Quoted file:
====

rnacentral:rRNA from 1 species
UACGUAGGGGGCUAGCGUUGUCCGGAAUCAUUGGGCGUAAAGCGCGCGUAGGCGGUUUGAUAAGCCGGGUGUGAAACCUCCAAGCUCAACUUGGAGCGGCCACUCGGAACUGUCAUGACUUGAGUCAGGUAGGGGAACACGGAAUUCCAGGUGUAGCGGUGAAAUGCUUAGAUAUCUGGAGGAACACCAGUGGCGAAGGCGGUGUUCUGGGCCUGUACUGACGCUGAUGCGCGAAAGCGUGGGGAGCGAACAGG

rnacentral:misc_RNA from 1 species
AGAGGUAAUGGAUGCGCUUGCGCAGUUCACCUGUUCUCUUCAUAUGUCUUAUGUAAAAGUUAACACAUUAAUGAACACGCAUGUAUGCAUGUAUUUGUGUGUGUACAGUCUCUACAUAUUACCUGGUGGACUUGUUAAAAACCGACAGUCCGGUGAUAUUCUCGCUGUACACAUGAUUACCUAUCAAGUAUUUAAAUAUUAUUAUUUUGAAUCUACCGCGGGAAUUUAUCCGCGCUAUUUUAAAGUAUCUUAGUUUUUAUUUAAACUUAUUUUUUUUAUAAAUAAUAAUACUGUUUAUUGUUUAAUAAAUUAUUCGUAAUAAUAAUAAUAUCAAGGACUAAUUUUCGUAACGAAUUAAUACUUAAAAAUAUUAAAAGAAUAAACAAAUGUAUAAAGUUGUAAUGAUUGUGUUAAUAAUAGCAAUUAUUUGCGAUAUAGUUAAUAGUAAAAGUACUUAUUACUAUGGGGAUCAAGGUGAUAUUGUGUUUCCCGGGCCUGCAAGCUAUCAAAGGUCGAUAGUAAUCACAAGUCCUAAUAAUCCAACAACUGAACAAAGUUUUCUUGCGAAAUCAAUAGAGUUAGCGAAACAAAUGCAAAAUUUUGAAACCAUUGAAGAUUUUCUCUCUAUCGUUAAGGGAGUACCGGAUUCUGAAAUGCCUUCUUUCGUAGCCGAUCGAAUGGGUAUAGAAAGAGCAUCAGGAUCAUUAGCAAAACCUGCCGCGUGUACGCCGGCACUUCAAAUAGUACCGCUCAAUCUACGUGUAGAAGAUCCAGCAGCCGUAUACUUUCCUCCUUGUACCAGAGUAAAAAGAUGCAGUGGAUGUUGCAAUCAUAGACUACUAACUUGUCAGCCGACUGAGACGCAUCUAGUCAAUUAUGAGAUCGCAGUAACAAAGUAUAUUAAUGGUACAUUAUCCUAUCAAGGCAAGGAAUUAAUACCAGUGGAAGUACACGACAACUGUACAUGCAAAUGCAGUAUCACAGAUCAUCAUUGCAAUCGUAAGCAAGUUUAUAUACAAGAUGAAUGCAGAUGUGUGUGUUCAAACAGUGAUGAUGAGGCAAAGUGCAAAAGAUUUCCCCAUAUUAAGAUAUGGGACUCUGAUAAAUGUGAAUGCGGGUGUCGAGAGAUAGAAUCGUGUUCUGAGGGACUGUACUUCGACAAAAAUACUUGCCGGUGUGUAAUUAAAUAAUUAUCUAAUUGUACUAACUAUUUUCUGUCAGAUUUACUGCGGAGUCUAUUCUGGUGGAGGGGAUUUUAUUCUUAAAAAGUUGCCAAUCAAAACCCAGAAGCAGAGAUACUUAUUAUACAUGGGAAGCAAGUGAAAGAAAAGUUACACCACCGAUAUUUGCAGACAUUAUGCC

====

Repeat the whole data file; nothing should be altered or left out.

rnacentral:rRNA from 1 species
UACGUAGGGGGCUAGCGUUGUCCGGAAUCAUUGGGCGUAAAGCGCGCGUAGGCGGUUUGAUAAGCCGGGUGUGAAACCUCCAAGCUCAACUUGGAGCGGCCACUCGGAACUGUCAUGACUUGAGUCAGGUAGGGGAACACGGAAUUCCAGGUGUAGCGGUGAAAUGCUUAGAUAUCUGGAGGAACACCAGUGGCGAAGGCGGUGUUCUGGGCCUGUACUGACGCUGAUGCGCGAAAGCGUGGGGAGCGAACAGG

rnacentral:misc_RNA from 1 species
AGAGGUAAUGGAUGCGCUUGCGCAGUUCACCUGUUCUCUUCAUAUGUCUUAUGUAAAAGUUAACACAUUAAUGAACACGCAUGUAUGCAUGUAUUUGUGUGUGUACAGUCUCUACAUAUUACCUGGUGGACUUGUUAAAAACCGACAGUCCGGUGAUAUUCUCGCUGUACACAUGAUUACCUAUCAAGUAUUUAAAUAUUAUUAUUUUGAAUCUACCGCGGGAAUUUAUCCGCGCUAUUUUAAAGUAUCUUAGUUUUUAUUUAAACUUAUUUUUUUUAUAAAUAAUAAUACUGUUUAUUGUUUAAUAAAUUAUUCGUAAUAAUAAUAAUAUCAAGGACUAAUUUUCGUAACGAAUUAAUACUUAAAAAUAUUAAAAGAAUAAACAAAUGUAUAAAGUUGUAAUGAUUGUGUUAAUAAUAGCAAUUAUUUGCGAUAUAGUUAAUAGUAAAAGUACUUAUUACUAUGGGGAUCAAGGUGAUAUUGUGUUUCCCGGGCCUGCAAGCUAUCAAAGGUCGAUAGUAAUCACAAGUCCUAAUAAUCCAACAACUGAACAAAGUUUUCUUGCGAAAUCAAUAGAGUUAGCGAAACAAAUGCAAAAUUUUGAAACCAUUGAAGAUUUUCUCUCUAUCGUUAAGGGAGUACCGGAUUCUGAAAUGCCUUCUUUCGUAGCCGAUCGAAUGGGUAUAGAAAGAGCAUCAGGAUCAUUAGCAAAACCUGCCGCGUGUACGCCGGCACUUCAAAUAGUACCGCUCAAUCUACGUGUAGAAGAUCCAGCAGCCGUAUACUUUCCUCCUUGUACCAGAGUAAAAAGAUGCAGUGGAUGUUGCAAUCAUAGACUACUAACUUGUCAGCCGACUGAGACGCAUCUAGUCAAUUAUGAGAUCGCAGUAACAAAGUAUAUUAAUGGUACAUUAUCCUAUCAAGGCAAGGAAUUAAUACCAGUGGAAGUACACGACAACUGUACAUGCAAAUGCAGUAUCACAGAUCAUCAUUGCAAUCGUAAGCAAGUUUAUAUACAAGAUGAAUGCAGAUGUGUGUGUUCAAACAGUGAUGAUGAGGCAAAGUGCAAAAGAUUUCCCCAUAUUAAGAUAUGGGACUCUGAUAAAUGUGAAUGCGGGUGUCGAGAGAUAGAAUCGUGUUCUGAGGGACUGUACUUCGACAAAAAUACUUGCCGGUGUGUAAUUAAAUAAUUAUCUAAUUGUACUAACUAUUUUCUGUCAGAUUUACUGCGGAGUCUAUUCUGGUGGAGGGGAUUUUAUUCUUAAAAAGUUGCCAAUCAAAACCCAGAAGCAGAGAUACUUAUUAUACAUGGGAAGCAAGUGAAAGAAAAGUUACACCACCGAUAUUUGCAGACAUUAUGCC